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Factors Associated with Duck Nest Success
in the Prairie Pothole Region of Canada

Wetlands and Weather


We estimated densities of wetland basins by class (Cowardin et al. 1988) on individual study areas and percentages that were wet in May annually, 1982-85, from unpublished data obtained during the Waterfowl Breeding Ground Survey (Off. Migr. Bird Manage., USFWS, Laurel, Md.). Because these data were for the 0.4-km-wide air-ground segments, we first converted numbers of basins by wetland class to density (basins per km²) and then extrapolated to estimate density of each class on each 1.6-km-wide study area. We determined from annual Waterfowl Breeding Ground Survey results the percentage of basins that were wet. Annual mean percentages of wet basins by class per square kilometer were weighted by number of basins by class per square kilometer to estimate the annual mean percentage of wet basins by class per area-year.

Annual precipitation and temperature statistics were obtained from recording stations nearest to our study areas (Table 5) (Atmos. Environ. Serv., Cent. Reg., Environ. Canada, Winnipeg, Manit. or Atmos. Environ. Serv., West. Reg., Environ. Canada, Edmonton, Alta., unpubl. data). Field crews reported local weather conditions on individual study areas, especially storms with potential to adversely affect nesting.

Table 5. Departure (%) from 30-year April-June average precipitation amounts (cm) at individual study areas in the Prairie Pothole Region of Canada.
Study area Reporting station 30-year average (cm) Departure (%)
1982 1983 1984 1985
Parkland
Earl Grey Strasbourga 4.7 - - - +17
Hanley Dundurna,b 4.1 +17 +7 -32 +23
Hay Lakes Camrosec 4.8 - +54 +2 -
Holden Camrosec 4.8 - +54 - -
Inchkeith Kiplinga 5.3 - - -30 -19
Leask Prince Alberta 4.4 - - +66 +36
Moore Park Brandona 5.3 - -36 +4 -
Penhold Red Deerc 5.3 - - -13 -46
Yorkton Yorktona 4.6 - - - +5
Prairie
Cartwright Pilot Mounda 6.2 - -35 - -
Ceylon Ceylona 5.6 - -27 -52 -
Craik Tugaskea 4.7 - - -28 -11
Denzil Scotta 4.1 - - +22 +8
Gayford Calgaryc 5.7 - - - -49
Goodwater Midalea 5.3 - -32 - -
Shamrock Shamrocka 4.3 +28 -51 -16 -42
Tichfield Beechya 4.0 +28 - - -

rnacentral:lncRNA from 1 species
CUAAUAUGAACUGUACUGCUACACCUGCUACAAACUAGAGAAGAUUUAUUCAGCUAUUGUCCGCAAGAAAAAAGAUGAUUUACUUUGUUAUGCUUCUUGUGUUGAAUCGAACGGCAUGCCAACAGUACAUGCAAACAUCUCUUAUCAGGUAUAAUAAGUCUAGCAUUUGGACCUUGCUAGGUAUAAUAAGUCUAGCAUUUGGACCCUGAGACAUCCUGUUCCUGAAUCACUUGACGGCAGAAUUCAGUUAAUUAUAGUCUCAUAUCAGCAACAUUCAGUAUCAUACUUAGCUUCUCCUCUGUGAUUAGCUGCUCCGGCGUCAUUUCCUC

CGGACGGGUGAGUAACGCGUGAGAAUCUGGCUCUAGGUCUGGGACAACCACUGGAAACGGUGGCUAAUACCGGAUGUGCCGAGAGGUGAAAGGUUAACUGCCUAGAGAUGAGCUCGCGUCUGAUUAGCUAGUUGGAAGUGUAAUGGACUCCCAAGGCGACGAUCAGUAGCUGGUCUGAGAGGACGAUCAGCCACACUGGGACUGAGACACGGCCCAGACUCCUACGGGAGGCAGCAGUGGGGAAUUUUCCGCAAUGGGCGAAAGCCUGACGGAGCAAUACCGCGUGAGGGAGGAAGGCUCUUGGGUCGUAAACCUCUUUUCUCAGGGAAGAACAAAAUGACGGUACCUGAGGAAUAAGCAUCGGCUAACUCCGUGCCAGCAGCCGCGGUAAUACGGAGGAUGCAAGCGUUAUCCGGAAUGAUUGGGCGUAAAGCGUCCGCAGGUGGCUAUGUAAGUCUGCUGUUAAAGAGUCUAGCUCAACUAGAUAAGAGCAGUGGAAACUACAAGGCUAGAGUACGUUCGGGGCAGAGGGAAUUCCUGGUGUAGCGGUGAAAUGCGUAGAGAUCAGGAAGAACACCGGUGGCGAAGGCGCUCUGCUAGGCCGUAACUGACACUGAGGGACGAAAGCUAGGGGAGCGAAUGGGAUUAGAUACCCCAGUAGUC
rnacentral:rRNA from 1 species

aAverage monthly amounts obtained from Atmos. Environ. Serv., East. Reg., Environ. Canada, Winnipeg, Manit.
bDundurn station closed in 1985; average and monthly amount in 1985 are for Colonsay.
cAverage and monthly amounts obtained from Atmos. Environ. Serv., West. Reg., Environ. Canada, Edmonton, Alta.

Annual Conditions

In early May 1982, an average of 45% of temporary, 71% of seasonal, and 87% of semipermanent wetlands overall were wet (Table 4). A storm during 26-29 May produced heavy snowfall on Hanley and especially on Tichfield (6.9 cm water content) study areas and 7.5 cm of rain on Shamrock Study Area; subfreezing temperatures persisted for 2-3 days afterward. Total precipitation was above average on those study areas during the 1982 nesting season (Table 5).

Wetland conditions in early May 1983 were similar to 1982. Two storms during 8-14 May produced rain and snow on Shamrock, Hanley, Goodwater, Ceylon, Moore Park, and Cartwright study areas. However, total precipitation during the nesting season was below average on 5 of those areas (Table 5). Higher than average precipitation on Hay Lakes and Holden study areas that year resulted from 20.0 cm of rain during 18-30 June; low-lying areas flooded and depth of water in many wetlands increased up to 90.0 cm on those study areas.

Drought impacted 6 of 10 areas studied in 1984. An average of 12% of temporary, 24% of seasonal, and 71% of semipermanent wetlands overall were wet in May (Table 4). Precipitation during the nesting season was 13-52% below average on areas studied that year (Table 5). Only Denzil and Leask study areas had precipitation well above average (22 and 66%).

Ample wet wetlands were available in May 1985 on Craik, Earl Grey, Hanley, Inchkeith, and Leask study areas (Table 4). Precipitation during the nesting season on the 10 areas studied in 1985 was below average on 5 and near or above average on the remaining (Table 5).


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